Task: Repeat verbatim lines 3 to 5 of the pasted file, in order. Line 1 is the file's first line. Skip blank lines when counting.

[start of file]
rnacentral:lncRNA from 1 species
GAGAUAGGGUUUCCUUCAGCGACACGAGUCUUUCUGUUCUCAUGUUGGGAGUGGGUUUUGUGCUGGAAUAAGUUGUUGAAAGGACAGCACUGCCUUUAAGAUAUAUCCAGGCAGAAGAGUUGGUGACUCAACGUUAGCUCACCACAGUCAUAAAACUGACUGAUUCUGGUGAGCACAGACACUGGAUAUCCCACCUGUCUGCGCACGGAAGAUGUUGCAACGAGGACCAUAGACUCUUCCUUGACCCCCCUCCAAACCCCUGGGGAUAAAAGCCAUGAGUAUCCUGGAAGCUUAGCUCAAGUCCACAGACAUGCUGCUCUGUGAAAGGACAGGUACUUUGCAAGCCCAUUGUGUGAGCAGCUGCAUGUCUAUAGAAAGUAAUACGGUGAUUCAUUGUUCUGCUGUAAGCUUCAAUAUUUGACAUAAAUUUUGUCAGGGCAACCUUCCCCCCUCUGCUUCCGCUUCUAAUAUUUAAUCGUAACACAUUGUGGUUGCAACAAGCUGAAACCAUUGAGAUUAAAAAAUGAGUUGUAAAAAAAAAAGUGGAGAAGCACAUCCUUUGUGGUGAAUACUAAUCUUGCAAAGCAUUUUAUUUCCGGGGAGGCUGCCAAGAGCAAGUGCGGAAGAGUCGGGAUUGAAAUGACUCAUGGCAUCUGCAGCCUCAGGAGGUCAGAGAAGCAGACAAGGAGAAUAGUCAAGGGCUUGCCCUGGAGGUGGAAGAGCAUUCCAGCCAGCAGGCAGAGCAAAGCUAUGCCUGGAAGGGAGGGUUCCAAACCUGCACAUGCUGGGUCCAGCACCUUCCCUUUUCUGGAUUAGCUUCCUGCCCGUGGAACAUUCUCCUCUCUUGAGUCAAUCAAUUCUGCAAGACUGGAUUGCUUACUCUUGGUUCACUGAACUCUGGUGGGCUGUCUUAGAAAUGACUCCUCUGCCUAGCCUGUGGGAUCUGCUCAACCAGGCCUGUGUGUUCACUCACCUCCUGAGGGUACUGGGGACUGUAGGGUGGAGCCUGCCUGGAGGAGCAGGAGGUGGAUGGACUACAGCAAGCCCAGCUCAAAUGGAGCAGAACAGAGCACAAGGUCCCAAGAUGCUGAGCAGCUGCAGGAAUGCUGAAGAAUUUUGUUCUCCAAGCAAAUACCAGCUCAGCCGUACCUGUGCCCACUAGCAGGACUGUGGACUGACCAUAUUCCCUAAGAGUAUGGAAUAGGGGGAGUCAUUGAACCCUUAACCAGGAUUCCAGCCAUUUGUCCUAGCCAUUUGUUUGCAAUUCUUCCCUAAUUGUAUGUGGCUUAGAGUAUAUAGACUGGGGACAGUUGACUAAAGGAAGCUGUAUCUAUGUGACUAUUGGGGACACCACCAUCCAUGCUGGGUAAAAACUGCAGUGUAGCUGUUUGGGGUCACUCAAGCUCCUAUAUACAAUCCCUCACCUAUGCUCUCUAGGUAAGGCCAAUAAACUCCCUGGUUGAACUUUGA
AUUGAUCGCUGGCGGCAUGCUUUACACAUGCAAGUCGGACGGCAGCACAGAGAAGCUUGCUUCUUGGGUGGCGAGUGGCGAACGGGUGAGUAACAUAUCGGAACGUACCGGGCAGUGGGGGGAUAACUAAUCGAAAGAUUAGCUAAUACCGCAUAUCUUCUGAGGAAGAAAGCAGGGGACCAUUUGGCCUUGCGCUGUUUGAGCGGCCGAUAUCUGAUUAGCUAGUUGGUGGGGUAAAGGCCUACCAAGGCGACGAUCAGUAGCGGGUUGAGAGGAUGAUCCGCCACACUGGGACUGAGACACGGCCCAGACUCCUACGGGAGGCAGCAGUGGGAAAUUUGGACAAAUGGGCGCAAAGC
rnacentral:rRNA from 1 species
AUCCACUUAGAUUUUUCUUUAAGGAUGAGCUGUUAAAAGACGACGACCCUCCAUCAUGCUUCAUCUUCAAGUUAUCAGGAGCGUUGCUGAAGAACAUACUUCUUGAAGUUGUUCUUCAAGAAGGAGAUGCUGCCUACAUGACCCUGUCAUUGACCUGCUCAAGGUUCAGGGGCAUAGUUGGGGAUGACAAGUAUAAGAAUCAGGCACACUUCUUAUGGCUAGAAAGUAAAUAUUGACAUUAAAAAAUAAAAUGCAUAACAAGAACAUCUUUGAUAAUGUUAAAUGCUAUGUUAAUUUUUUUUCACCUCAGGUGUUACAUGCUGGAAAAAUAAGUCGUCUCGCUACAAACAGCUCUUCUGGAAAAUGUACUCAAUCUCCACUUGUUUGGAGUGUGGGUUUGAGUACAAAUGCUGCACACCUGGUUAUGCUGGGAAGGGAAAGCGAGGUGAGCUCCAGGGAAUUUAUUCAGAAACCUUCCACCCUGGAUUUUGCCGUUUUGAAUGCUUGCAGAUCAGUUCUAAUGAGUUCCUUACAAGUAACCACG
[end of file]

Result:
AUUGAUCGCUGGCGGCAUGCUUUACACAUGCAAGUCGGACGGCAGCACAGAGAAGCUUGCUUCUUGGGUGGCGAGUGGCGAACGGGUGAGUAACAUAUCGGAACGUACCGGGCAGUGGGGGGAUAACUAAUCGAAAGAUUAGCUAAUACCGCAUAUCUUCUGAGGAAGAAAGCAGGGGACCAUUUGGCCUUGCGCUGUUUGAGCGGCCGAUAUCUGAUUAGCUAGUUGGUGGGGUAAAGGCCUACCAAGGCGACGAUCAGUAGCGGGUUGAGAGGAUGAUCCGCCACACUGGGACUGAGACACGGCCCAGACUCCUACGGGAGGCAGCAGUGGGAAAUUUGGACAAAUGGGCGCAAAGC
rnacentral:rRNA from 1 species
AUCCACUUAGAUUUUUCUUUAAGGAUGAGCUGUUAAAAGACGACGACCCUCCAUCAUGCUUCAUCUUCAAGUUAUCAGGAGCGUUGCUGAAGAACAUACUUCUUGAAGUUGUUCUUCAAGAAGGAGAUGCUGCCUACAUGACCCUGUCAUUGACCUGCUCAAGGUUCAGGGGCAUAGUUGGGGAUGACAAGUAUAAGAAUCAGGCACACUUCUUAUGGCUAGAAAGUAAAUAUUGACAUUAAAAAAUAAAAUGCAUAACAAGAACAUCUUUGAUAAUGUUAAAUGCUAUGUUAAUUUUUUUUCACCUCAGGUGUUACAUGCUGGAAAAAUAAGUCGUCUCGCUACAAACAGCUCUUCUGGAAAAUGUACUCAAUCUCCACUUGUUUGGAGUGUGGGUUUGAGUACAAAUGCUGCACACCUGGUUAUGCUGGGAAGGGAAAGCGAGGUGAGCUCCAGGGAAUUUAUUCAGAAACCUUCCACCCUGGAUUUUGCCGUUUUGAAUGCUUGCAGAUCAGUUCUAAUGAGUUCCUUACAAGUAACCACG